In its heyday OiNK’s Pink Palace was one of the most desirable torrent sites on the Internet. The secretive site, described by Trent Reznor as the world’s greatest record store, eventually succumbed to industry pressure but is now promising a revival “to continue the site’s legacy.” With a message to artists saying “Don’t worry, we’re on your side this time,” could the site make a huge comeback? Or might pigs fly…..
There are hundreds, possibly thousands, of private BitTorrent sites on the Internet today. Some offer general content, others specialize in some way, but it is extremely rare for any to achieve a high level of public awareness.
One that did was called OiNK, a closed-door community that to many was the greatest music-focused torrent community the Internet had ever seen. Launched in May 2004 by Englishman Alan Ellis, OiNK became synonymous with quality. The site indexed every style of music imaginable and prided itself on bitrates that commercial music stores found hard to beat.
As a result OiNK peaked at more than 180,000 members and received celebrity endorsements including one from Nine Inch Nails star Trent Reznor who said it was the world’s greatest record store. But the site’s achievements would not go unpunished and in 2007 Ellis was arrested and the site was shutdown, yet another victim of a music industry campaign to stymie the spread of unauthorized content.
Following a trial in which Ellis was accused of defrauding the music industry, in early 2010 came a verdict of “not guilty” and he walked from court a free man. For the site itself, shuttered and its members dispersed more than two years earlier, the story was over.
But now more than three years on there are some interesting noises coming from the former home of the Pink Palace, where cute avatars were mandatory and a curly-tailed farmyard animal adorned the front page.
Visitors to any of OiNK’s former domains are today greeted with a monochromatic picture of London’s Battersea power station. Look closely and a tiny cartoon pig can be seen flying between the iconic chimneys above an invitation to sign up and a prompt to never forget the events of October 23 2007. Click ahead and a more familiar feel returns.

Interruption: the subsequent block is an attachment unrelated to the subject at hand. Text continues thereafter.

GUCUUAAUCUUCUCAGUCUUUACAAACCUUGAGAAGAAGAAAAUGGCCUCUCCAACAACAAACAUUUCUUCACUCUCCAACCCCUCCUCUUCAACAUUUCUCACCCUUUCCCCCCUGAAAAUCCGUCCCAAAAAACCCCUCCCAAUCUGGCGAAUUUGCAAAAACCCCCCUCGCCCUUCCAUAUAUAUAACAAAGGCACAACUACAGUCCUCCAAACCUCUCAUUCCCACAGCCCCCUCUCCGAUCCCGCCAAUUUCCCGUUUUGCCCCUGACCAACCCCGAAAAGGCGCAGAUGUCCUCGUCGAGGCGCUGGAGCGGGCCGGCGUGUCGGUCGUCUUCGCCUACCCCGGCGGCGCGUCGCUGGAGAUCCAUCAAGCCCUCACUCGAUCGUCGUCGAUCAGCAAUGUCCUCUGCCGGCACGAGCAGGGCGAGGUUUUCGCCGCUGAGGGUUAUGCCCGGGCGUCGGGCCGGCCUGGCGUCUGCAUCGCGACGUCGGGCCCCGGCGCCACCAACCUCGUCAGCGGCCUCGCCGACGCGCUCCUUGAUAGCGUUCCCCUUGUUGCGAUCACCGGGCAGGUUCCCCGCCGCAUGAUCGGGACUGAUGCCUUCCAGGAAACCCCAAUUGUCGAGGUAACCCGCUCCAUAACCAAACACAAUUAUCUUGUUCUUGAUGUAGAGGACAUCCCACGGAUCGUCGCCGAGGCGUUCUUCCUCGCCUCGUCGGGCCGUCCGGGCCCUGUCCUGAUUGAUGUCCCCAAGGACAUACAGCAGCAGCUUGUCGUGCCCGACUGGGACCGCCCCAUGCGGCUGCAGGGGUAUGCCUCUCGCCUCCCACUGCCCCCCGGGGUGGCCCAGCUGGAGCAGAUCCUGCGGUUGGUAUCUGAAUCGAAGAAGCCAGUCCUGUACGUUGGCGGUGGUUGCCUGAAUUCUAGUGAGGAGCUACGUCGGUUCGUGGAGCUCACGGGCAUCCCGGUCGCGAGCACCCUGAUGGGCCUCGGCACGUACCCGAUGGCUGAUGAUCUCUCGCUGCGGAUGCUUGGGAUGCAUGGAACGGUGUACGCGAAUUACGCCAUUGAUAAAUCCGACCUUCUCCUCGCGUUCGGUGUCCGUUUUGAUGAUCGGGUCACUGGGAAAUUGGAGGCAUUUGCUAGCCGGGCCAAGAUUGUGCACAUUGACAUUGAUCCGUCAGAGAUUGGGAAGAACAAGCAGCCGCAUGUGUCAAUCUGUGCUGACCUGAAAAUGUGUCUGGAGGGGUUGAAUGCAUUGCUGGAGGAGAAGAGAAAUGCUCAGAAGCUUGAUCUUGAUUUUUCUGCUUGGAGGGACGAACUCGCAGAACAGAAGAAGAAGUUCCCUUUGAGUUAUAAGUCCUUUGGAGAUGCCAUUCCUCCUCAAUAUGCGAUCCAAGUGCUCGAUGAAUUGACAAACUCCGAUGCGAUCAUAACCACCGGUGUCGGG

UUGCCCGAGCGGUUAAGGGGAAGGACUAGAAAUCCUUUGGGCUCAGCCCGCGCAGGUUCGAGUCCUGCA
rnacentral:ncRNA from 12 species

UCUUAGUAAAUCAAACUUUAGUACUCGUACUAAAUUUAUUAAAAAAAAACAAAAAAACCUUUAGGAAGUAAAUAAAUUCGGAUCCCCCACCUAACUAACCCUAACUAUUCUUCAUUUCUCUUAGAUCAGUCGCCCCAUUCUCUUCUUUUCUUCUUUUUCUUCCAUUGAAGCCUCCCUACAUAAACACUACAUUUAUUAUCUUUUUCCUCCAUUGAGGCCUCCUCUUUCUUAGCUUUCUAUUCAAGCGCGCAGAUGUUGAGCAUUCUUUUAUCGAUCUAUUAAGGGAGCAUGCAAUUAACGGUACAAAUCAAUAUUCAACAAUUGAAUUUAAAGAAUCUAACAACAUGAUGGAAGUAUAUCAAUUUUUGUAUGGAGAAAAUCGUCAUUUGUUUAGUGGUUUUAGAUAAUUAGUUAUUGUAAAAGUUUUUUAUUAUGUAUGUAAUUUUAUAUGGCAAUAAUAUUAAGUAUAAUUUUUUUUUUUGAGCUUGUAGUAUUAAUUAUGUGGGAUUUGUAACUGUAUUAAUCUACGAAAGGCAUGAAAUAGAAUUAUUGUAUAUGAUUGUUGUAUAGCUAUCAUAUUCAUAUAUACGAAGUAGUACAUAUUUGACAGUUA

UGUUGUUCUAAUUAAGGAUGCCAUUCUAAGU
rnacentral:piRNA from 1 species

So what does the site have in store?
TorrentFreak spoke with the current owner of the OiNK domains – Oink.me.uk and Oink.cd – who confirmed a relaunch and told us that a different approach could be expected this time round.
“I’ll let you know that a different route is being taken at this time to continue the site’s legacy in a legal format,” TorrentFreak was informed.
So what can users of the new OiNK expect? A clue can be found on the main page where interested artists are invited to leave their details. The final item on the short questionnaire is perhaps the most telling.
David Cook, specialist cyber crime solicitor at Pannone who successfully defended one of Oink’s uploaders in 2010, says that an OiNK return has the potential to be a plus for artists, depending on the execution.
“A method for an unsigned artist uploading their music to the site and receiving remuneration from the adverts on the site would sound like an innovative idea. Having said that, details are sketchy to say the least. I just hope that the OiNK story is not sullied by what comes next, as happened for Napster,” Cook said.
TorrentFreak also spoke with former OiNK owner Alan Ellis who thanked us for our contact but said that having sold the domains a few years ago, the project is now someone else’s baby.
At this stage it seems unlikely that OiNK will return to its former private tracker glory but there are signs that it will maintain its focus on music, quite possibly with an emphasis on the development of independent artists. Maybe the site will get one last shot at annoying the major labels after all.